The purpose of the not-for-profit Aesthetic Realism Foundation is to meet the urgent need for people throughout the world to see each other and reality fairly. Aesthetic Realism, the philosophy founded in 1941 by the American poet and critic, Eli Siegel, is a tremendous education in how to have that fairness.
Located in SoHo, NYC, the Foundation offers an exciting curriculum of classes—see the listing below—and individual consultations by video conference. When public events resume, there will be seminars and vibrant theatrical presentations. Through the principles of Aesthetic Realism, people of all ages understand themselves newly. Read more
A Letter—powerful & kind—by Meryl Nietsch-Cooperman, Aesthetic Realism Consultant
From her letter:
“At this time of so much worry in the world, I am writing to you about what I consider the most important, truly hopeful, vitally needed education there is. For many years, I have seen that Aesthetic Realism is TRUE, and I’ve seen its tremendous usefulness for everyone! Read more
Winter 2023 classes via video conference are now in session.
- The Aesthetic Realism Explanation of Poetry
- Anthropology Is about You & Everyone
- The Visual Arts & the Opposites
- The Aesthetic Realism Teaching Method
- The Opposites in Music
- “If It Moves, It Can Move You”: Opposites in the Cinema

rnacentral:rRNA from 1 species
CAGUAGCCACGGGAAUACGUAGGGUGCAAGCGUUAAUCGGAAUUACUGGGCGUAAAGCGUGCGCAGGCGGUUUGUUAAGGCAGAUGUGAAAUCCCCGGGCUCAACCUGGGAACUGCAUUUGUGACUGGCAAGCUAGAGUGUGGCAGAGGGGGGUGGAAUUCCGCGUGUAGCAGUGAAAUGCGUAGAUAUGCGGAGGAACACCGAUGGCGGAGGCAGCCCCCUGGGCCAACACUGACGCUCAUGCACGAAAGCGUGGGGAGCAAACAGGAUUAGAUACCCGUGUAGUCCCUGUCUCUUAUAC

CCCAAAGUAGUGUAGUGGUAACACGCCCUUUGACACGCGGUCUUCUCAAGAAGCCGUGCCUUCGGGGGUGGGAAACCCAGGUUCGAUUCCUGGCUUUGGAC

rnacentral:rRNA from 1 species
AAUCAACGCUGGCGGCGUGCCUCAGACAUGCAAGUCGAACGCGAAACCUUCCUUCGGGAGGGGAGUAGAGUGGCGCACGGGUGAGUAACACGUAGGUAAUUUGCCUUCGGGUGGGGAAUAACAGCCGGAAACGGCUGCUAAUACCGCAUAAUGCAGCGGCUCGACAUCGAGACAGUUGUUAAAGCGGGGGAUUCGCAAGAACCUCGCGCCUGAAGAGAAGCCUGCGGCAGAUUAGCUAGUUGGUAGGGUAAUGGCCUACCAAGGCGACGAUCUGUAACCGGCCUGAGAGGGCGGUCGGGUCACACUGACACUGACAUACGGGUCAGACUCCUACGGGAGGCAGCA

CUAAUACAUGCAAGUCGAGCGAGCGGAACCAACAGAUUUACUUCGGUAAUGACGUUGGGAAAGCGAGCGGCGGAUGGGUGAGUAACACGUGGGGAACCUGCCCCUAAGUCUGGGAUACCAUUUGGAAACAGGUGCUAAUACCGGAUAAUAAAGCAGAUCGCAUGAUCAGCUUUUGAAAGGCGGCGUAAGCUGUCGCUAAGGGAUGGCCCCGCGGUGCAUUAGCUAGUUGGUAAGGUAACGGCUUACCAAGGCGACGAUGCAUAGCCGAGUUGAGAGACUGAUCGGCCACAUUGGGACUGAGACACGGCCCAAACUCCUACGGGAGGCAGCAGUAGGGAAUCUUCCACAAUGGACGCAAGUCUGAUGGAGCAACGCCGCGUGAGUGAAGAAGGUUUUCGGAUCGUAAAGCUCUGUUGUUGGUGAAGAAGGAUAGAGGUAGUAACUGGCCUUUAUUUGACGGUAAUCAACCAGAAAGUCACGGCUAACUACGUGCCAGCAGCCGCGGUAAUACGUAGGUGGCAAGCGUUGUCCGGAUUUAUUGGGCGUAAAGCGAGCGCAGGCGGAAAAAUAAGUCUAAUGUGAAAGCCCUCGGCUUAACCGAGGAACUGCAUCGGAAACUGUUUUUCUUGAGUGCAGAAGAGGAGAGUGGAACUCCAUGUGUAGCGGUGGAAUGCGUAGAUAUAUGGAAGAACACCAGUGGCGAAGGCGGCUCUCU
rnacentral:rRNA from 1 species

- Understanding Marriage!
Want to audit a class? Contact the registrar at 212.777.5055, between 2-6 PM Eastern Time (USA), Monday through Friday. Be sure to make your request at least 2 days in advance of the class.
“Like of the World versus Racism”
—was published in the summer of 2020, a crucial time in history. It explains three hugely important things: 1) the cause of all prejudice and racism; 2) the state of mind we need to have as we think about other people if we’re going to be just to them—including, very much, people who look different from us; 3) how the way of seeing in all true art is utterly opposed to racism. The means by which people’s minds and feelings can really change from prejudice to justice is in this issue of The Right of Aesthetic Realism to Be Known! Read more
Barbara Kestenbaum, who worked in Special Education for over 30 years, writes:
I remember, when my son was born, looking at his tiny fingers with awe and asking, “Who is this little boy?” And as many parents also do, I worried, “Will I be a good mother?” When I read “The Child,” a chapter from Eli Siegel’s Self and World, I began to see that a very young person is in the midst of large questions about nothing less than the world itself. And I saw with excitement, they were my questions too!
At this time, though Aesthetic Realism consultations cannot take place in person, we’re glad to say they are taking place via Zoom video conference or by telephone. You can find out more here.
See the Online Exhibition!
Celebrating the Life & Art of